In memos dated June 25 and 27, 2001, Dassault Aviation (Dassault) informed the FAA that there were FDR resolution compliance difficulties on its model Falcon 900EX and model Mystere-Falcon 900 (with modification M1975 or M2695 installed) airplanes. These involve parameters for radio altitude and normal acceleration. Dassault states that as configured with its current flight data acquisition unit and bus assembly, it is unable to reach the resolution required by the rule. Dassault indicates that it would be a significant expense to develop the retrofit of a new data acquisition unit, and requests relief similar to that granted to Airbus. Like the Boeing request, the FAA has determined that it does not have the time to gather the information necessary to resolve this issue before the August 20, 2001, compliance date.

Current Action

Accordingly, the FAA is adopting this Special Federal Aviation Regulation (SFAR) to allow affected operators to continue to operate their airplanes without meeting the resolution requirements of appendix M for parameters listed for the individual aircraft models. These airplanes must continue to record the affected parameters to the resolution at which they are currently capable. In addition, airplane operators are required to report to the FAA the model and registration number of each affected airplane.

This regulation is effective for 2 years. The FAA intends to withdraw or modify this relief when it is able to make a determination on the manufacturers' requests to change the regulations. At this time, the FAA is unable to state what type of solution is expected for any of the problems described. It is possible that there may be a change to the regulations, that the affected airplanes will be required to meet the regulations, or a combination of both. The FAA will allow an appropriate amount of time to accomplish any modifications to these airplanes that may be required.

Operators of affected airplanes are cautioned that the relief provided by this regulation is extremely limited, and applies only to the resolution requirements for the particular parameters for those airplane models listed. No other relief from any other requirement of part 121 or appendix M is to be implied, and failure to comply with any other requirement is subject to normal enforcement action.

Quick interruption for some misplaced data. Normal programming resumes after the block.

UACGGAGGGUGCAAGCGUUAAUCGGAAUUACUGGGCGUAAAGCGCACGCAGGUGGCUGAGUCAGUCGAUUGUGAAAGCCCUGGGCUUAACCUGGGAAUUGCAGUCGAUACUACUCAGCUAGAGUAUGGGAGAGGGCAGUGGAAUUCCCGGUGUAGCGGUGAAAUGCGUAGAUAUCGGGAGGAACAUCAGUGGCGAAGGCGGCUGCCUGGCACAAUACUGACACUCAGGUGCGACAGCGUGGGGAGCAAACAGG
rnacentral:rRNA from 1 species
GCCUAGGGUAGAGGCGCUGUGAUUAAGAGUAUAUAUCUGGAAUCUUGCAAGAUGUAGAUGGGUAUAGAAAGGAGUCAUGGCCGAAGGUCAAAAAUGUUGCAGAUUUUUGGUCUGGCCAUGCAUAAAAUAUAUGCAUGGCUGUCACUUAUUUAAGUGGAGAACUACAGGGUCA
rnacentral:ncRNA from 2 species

Immediate relief is provided to operators of models not specified in this SFAR, but use of the relief is subject to different requirements. An operator that discovers a resolution problem with an airplane model not specifically listed in this SFAR must immediately report the nature and scope of the problem discovered. The FAA will decide whether that relief may continue to be used, based on the information submitted. These operators are also required to submit the information required by paragraph 3.d. of this SFAR within 30 days of beginning use of the relief. Operators are cautioned that the FAA will not consider expanding this relief to cover, for example, airplanes that do not record one or more required parameters, operators that lack available parts for retrofit, or new airplanes that do not meet the flight data recorder requirements at the time of certification.

Effective Date and Good Cause for Immediate Adoption

Sections 553(b)(3)(B) and 553(d)(3) of the Administrative Procedure Act (APA) (5 U.S.C. Sections 553(b)(3)(B) and 553(d)(3)) authorize agencies to dispense with certain notice procedures and immediately adopt rules when they find “good cause” to do so. Under section 553(b)(3)(B), the requirements of notice and opportunity for comment do not apply when the agency for good cause finds that those procedures are “impracticable, unnecessary, or contrary to the public interest.” Section 553(d)(3) allows an agency, upon finding good cause, to make a rule effective immediately, thereby avoiding the 30-day delayed effective date requirement in section 553.

The FAA finds that prior notice and public comment to this final rule are impracticable because the purpose of the rule is to temporarily suspend a requirement that takes effect very shortly. This relief is temporary pending further decisions by the FAA after more information is gathered. The FAA is requesting that any interested party submit comments concerning the issues involved so that it may make an informed decision concerning a permanent remedy for the issues. The agency also finds that it would be contrary to the public interest to delay this relief and ground the affected airplanes while a decision on recording resolution is pending.